Member Tip: SEO TIPS FOR THOSE WHO DON’T TALK GEEK

Understanding every aspect of search engine optimization (SEO) is not unlike trying to have a conversation about the mysteries of the universe with a 3-year-old. Sometimes what is being said makes no logical sense whatsoever and then you catch these rare glimpses of unbelievable genius that you think you’re hallucinating. But with SEO and with a 3-year-old, just when you think you understand how it all works, they want to play a different game.

For that reason, we’ll skip over the details of how to rank well and boil them down to this: you must create content that is found, enjoyed, and shared by your audience. This article will focus on how to understand what your audience is looking to you for.

SEO Should Never Trump the Audience

Content strategists will tell you that you must become a thought leader in your area. As simple as this sounds, it confuses a lot of business people. Your SEO strategist will ask what your keywords are for your business and extrapolate long-tail keywords from them (most use analytic software or Google to do this). They will then tell you what people are searching for from a keyword perspective.

The next logical step is to pass off those keywords to your content creator. But often this is where the disconnect occurs. One of the most common mistakes I see businesses make is confusing the keywords of the audience they serve with keywords people would use to find their business. For instance, if you are a lawyer specializing in patents for pharmaceutical companies, you need to ask yourself what people would search on to find you. Some of these terms and questions might be:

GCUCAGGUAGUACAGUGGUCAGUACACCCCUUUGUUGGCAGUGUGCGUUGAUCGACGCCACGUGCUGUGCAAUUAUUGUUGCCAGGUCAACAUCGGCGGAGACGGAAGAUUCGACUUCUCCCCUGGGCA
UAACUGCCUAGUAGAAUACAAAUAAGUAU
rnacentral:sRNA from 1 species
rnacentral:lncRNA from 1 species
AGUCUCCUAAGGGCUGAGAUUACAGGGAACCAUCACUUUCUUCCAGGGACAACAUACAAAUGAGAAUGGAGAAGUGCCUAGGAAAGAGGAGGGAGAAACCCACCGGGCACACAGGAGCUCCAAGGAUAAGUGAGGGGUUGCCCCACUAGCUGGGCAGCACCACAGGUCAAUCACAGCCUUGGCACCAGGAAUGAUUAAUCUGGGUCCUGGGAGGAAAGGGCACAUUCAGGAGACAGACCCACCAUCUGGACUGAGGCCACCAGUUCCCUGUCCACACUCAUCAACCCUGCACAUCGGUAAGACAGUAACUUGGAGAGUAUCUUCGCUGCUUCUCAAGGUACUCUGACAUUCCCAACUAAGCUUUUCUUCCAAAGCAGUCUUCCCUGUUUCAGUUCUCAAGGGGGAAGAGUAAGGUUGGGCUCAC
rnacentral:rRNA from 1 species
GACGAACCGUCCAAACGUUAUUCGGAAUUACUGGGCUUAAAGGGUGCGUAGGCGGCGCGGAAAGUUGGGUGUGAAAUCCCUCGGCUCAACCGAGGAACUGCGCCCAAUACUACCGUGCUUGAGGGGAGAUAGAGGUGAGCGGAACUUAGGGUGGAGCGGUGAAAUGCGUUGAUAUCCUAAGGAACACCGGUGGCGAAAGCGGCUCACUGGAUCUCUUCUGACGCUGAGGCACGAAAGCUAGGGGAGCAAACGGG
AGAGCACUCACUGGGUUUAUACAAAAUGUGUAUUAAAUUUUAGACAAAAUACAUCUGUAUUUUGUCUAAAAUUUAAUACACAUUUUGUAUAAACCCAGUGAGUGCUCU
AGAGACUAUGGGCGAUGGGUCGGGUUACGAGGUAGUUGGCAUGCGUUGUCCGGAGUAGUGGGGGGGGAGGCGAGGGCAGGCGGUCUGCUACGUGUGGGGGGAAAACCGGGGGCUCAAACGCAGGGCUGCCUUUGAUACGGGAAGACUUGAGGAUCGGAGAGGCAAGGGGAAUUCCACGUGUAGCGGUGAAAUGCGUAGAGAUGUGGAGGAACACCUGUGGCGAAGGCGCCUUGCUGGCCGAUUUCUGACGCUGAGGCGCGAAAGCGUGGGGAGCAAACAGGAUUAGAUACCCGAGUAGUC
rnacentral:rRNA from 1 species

• Patent attorney
  • Corporate patent attorney
  • Patents for pharmaceuticals
  • Patents for drugs
  • Help to obtain a drug patent
  • How can my company get a patent?

Before selecting any of these, you’d want to check out the search numbers involved on Google or some other keyword tool. What you wouldn’t want to place for was words like:

  • Pharmaceutical company
  • Big pharma
  • Pharmaceutical companies
  • Or any other word that would return company results.
  • Do you see the difference? It’s subtle but a common mistake.

Businesses often try to place for what their ideal customer or client does and not what they do. It’s a very fine line.

Becoming a Thought Leader (on what?)

You want to establish yourself as a thought leader in the industry you serve, not a thought leader in your ideal client’s industry. For instance, if you were a healthcare recruiter who only worked in healthcare, your content would focus on things like:

  • How you find and place the best people in healthcare
  • Why a healthcare-specific recruiter is better than a general recruiter
  • Best interview questions for a healthcare company
  • What questions to expect in an interview for a healthcare company

Since you serve two groups of people – those hiring and those wanting to get hired – you would want to create content for both. These topics are things people who would be in the market for your services probably search on. Creating content around them would set you up as an expert in the field of healthcare recruiting.

Niche marketing is very important to SEO because often the smaller the search (in terms of the number of people doing it), the cheaper the keywords. Plus narrower searches often yield better results as people are further along in the sales process or need assistance and are willing to pay for it.

What doesn’t work is creating content in your client’s niche. In this example, you are an expert in the recruiting field, not an expert in something like hospital administration. You may place people in those positions but you don’t want to place for their words. You want to place for words like healthcare recruiting and hospital jobs, not hospital administration (unless it’s hospital administration jobs).

Keywords Are Just Questions